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3-D Tic-Tac-Toe (Atari 2600) artwork

3-D Tic-Tac-Toe (Atari 2600) review


"I'm sure most of you already know how to play tic-tac-toe. If you don't, I feel sorry for you because it's a classic time passer that can get somewhat competitive. By the way, it can also be fun. "



I'm sure most of you already know how to play tic-tac-toe. If you don't, I feel sorry for you because it's a classic time passer that can get somewhat competitive. By the way, it can also be fun.

In tic-tac-toe, you draw a big square and draw even smaller squares inside the main square. In other words, you make a grid. You play tic-tac-toe using X's and O's. One person plays as X's and the other person plays as O's. You and your opponent take turns putting an X or an O inside the squares until either you or your opponent gets three X's or three O's in a row horizontally, vertically, or diagonally. Whoever gets three in a row wins the game of course.

3-D Tic-Tac-Toe is basically the same thing, only a little different. Instead of trying to get three in a row to win, in this game you have to get four in a row. But that's not the whole story yet. One of the other differences is that there are four grids instead of just one. All four of the grids are tilted somewhat, but you can easily see all the small squares inside the grids. Each of the four grids is composed of sixteen small squares. You can play either a one-player game against the computer or a two-player game against a friend.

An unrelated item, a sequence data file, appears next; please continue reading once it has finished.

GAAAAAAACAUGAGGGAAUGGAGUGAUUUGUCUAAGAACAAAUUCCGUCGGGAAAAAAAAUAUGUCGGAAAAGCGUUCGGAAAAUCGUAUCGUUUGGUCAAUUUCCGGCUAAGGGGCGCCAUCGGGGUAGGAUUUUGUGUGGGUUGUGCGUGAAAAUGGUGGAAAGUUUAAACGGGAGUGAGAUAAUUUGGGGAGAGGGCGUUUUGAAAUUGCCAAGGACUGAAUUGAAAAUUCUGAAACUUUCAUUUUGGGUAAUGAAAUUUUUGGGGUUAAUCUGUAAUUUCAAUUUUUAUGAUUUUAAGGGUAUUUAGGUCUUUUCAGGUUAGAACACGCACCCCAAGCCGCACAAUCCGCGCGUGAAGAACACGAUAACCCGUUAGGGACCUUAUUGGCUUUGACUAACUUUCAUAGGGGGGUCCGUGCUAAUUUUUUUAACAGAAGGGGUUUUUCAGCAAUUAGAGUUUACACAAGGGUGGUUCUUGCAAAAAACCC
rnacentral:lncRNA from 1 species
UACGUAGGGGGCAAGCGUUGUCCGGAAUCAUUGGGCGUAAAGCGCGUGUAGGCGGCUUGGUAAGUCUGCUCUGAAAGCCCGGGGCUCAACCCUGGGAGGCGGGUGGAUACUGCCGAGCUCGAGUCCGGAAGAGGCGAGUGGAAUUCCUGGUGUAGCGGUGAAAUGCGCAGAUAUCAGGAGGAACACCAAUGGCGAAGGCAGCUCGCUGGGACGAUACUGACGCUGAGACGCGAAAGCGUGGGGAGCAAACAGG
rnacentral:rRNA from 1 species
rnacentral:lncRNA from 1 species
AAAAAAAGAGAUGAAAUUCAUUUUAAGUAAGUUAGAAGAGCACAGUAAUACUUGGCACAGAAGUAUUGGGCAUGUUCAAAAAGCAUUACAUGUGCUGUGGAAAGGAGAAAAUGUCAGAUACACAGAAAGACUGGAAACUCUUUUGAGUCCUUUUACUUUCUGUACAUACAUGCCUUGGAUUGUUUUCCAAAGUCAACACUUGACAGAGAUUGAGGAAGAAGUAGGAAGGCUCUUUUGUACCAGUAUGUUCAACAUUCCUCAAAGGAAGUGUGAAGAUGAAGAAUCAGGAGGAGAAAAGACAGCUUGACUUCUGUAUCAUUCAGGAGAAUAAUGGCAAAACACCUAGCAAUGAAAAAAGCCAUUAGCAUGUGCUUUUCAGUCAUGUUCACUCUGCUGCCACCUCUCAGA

When you begin the game, you and your opponent will take turns putting a letter somewhere on the board (well duh, right?). Now is the time to explain the other attribute of 3-D Tic-Tac-Toe that is much different from your typical game of classic tic-tac-toe.

Just like the tic-tac-toe that everybody knows, in 3-D Tic-Tac-Toe, you can win the game by lining up X's or O's in a row horizontally, vertically, or diagonally on just one of the grids. However, in this new twist of the classic, you can use any of the four grids as much or as little as you want. Therefore, there are many new ways in which to get a tic-tac-toe.

Like I mentioned before, each of the four grids hold sixteen smaller squares inside them. You can use the four grids in a clever way to earn yourself a win. For instance, let's say you put an X in the top-left square of the first grid. If you put an X in the top-left square of the other three grids, you will have yourself a tic-tac-toe. I know this might make a few purists flinch, but hey, you have to admit that it's a neat idea.

There are many other ways in which you can get a tic-tac-toe. Of all the ways you can get a tic-tac-toe by using the four grids, the one I just explained is the most basic. Don't fret. If you have this game or if you ever get it in the future, you will learn real quickly what the other combinations are by either trial and error, or by playing the computer, which is the best way to learn them. After you learn the majority of them, just have fun and then learn how to use blocking strategies and you're on your way to at least becoming a decent player.